One of those, I wrote up at the time. I mentioned it in various other essays, but here it is as I first wrote it (I called it "For Raju, Who Died Alone").
A thought for after you read it: Why would a country refuse to bring justice to the terrorists who murdered Raju (and about a thousand others) just as surely as it has brought justice to the terrorists who set off the 1993 blasts?
Your comments welcome.
This is for you, Raju. You did not know me, but for a few days in the middle of 1993, you were steadily in my thoughts. You had died -- for the way you died, euphemisms like "passed away" seem entirely inadequate -- you had died some months earlier. To the rest of us, you were just a statistic, one more number totted up with about a thousand others. To Samiullah the baker, you were his 14-year-old boy, groping to find your way in the world.
His only son.
Samiullah had just started feeling settled enough in Bombay, in his job at the bakery in the vast slum of Dharavi, to ask you to join him from your village in Uttar Pradesh. Until you found a more permanent job, the owner of the bakery had agreed to let you work there daily, running a few errands for him. You had been in Bombay only three months when that terrible night came around.
They destroyed the bakery that night. Then, as you were returning home alone, they murdered you. They surrounded you in the evil darkness that had descended on Bombay in those weeks. They hacked you into little pieces with their long swords.
In those last seconds that you were alive, you must have wondered: "Why?"
The truth is, Raju, I don't know. I don't know why you died your brutal, futile death. Why your 14-year-old promise was snuffed out. Why the light in your father's eye was switched off so suddenly, so permanently.
Oh yes, there was that old mosque in Ayodhya that they smashed into dust and debris. That set off the weeks of rioting in Bombay; the rioting in which you turned from a lively, energetic young boy into a pile of bloody rags, into no more than one of the thousand who died. But you would probably ask what that had to do with you. Why did that destruction happen?
Why did it lead to yours?
Fair questions, Raju. There's a whole section of us who were persuaded that destroying that mosque was our country's most urgent task. I know that makes no sense to you.
After all, you knew that neither you nor your father had any real job prospects in your village in Uttar Pradesh. If yours was like thousands of other villages across India, it had no school, no hospital, no electricity, no telephones. No drinking water. The bright lights of Bombay, the visions of work that would bring in even a few rupees, the chance for at least some of those missing basics -- these had already drawn your father there; now they had brought you to the city.
When making a life in your home was such an impossibility, what sense could it possibly have made to you that some people thought the national priority was to pulverize a mosque? That they said it was a glorious act of liberation, a redemption of national honour, a revival of Hindu pride? That you would then be overtaken by the events that followed? That you would die, almost as if it had been written that day somewhere in the rubble of Ayodhya?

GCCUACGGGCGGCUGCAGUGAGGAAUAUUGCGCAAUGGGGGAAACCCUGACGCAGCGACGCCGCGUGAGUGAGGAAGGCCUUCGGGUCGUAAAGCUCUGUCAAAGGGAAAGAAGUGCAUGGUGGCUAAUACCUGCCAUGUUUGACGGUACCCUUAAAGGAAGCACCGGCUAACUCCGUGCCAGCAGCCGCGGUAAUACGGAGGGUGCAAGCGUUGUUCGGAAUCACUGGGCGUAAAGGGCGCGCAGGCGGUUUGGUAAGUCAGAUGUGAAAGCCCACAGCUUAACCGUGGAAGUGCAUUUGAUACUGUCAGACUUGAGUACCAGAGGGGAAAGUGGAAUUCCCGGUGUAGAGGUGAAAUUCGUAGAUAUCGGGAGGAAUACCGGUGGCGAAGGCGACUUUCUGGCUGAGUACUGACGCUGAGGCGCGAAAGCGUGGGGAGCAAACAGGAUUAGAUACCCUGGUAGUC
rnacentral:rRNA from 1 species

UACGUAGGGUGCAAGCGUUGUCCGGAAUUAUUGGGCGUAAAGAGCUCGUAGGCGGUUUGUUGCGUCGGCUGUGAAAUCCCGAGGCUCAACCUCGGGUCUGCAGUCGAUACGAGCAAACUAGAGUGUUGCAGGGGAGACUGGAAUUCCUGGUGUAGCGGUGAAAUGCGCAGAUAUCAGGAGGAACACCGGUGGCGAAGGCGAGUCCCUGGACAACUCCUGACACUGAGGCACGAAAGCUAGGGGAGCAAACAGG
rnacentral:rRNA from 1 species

Months after you died, Raju, I met your father. He was trying to claim the compensation the Government had announced for families, like yours, who had lost someone, like you, in the riots. I met him when a set of disgusting bureaucrats were giving him an extraordinary run-around.
First, he had had to pay a bribe of 200 rupees to get a coroner's certificate for your body. When he had that, they said there was no proof that you were actually his son, or that you had existed at all. Now broke because he had been out of work for three months -- the bakery had been destroyed, remember? -- he had to borrow money and make a trip to your village in Uttar Pradesh. There, he got the village headman to certify that he had really had a son.
Back in Bombay, the officials scrutinized the certificates and told your father to return in a few days for his cheque. Six different times they told him the same thing, each some days apart. Each time, he had to trudge from Dharavi to the heart of Bombay. Each time, he trudged home without the money.
Eventually, they did have the cheque, made out to your father, sitting on the table in front of him. Not two feet from him. But the ordeal did not end there. The officials told him they would post it to your village in Uttar Pradesh. After all, they said, it was from there that the proof of your link to your father had come; naturally the cheque would have to be sent there. Naturally.
"Take a train tonight," they advised Samiullah. "If they don't bring the cheque to your house," they continued helpfully, "go to the Collector's Office and demand it." For in UP, they observed smugly, unlike here in Bombay, "Government officers really create a lot of trouble."
I watched all this happen, Raju. Your father had lost his only son to the beast that was unleashed that day in Ayodhya. Now, to get the token the Government was handing out because it did not want to contain that beast, because it had failed to save your life, he had to contend with the grasping inhumanity of our bureaucracy.
Why, I think you're asking again. And what could the compensation possibly mean anyway? Could it ever bring that light back to your father's eyes?
Questions, Raju. Too many questions. They haunt me, too. That's why, years later, I remember your death. I will always remember. You showed me that the true meaning of all that rubble in Ayodhya is not some reborn national self-respect, not some righting of an ancient wrong, but your death. Your violent, bloody, futile death.
There's no self-respect there. Only shame.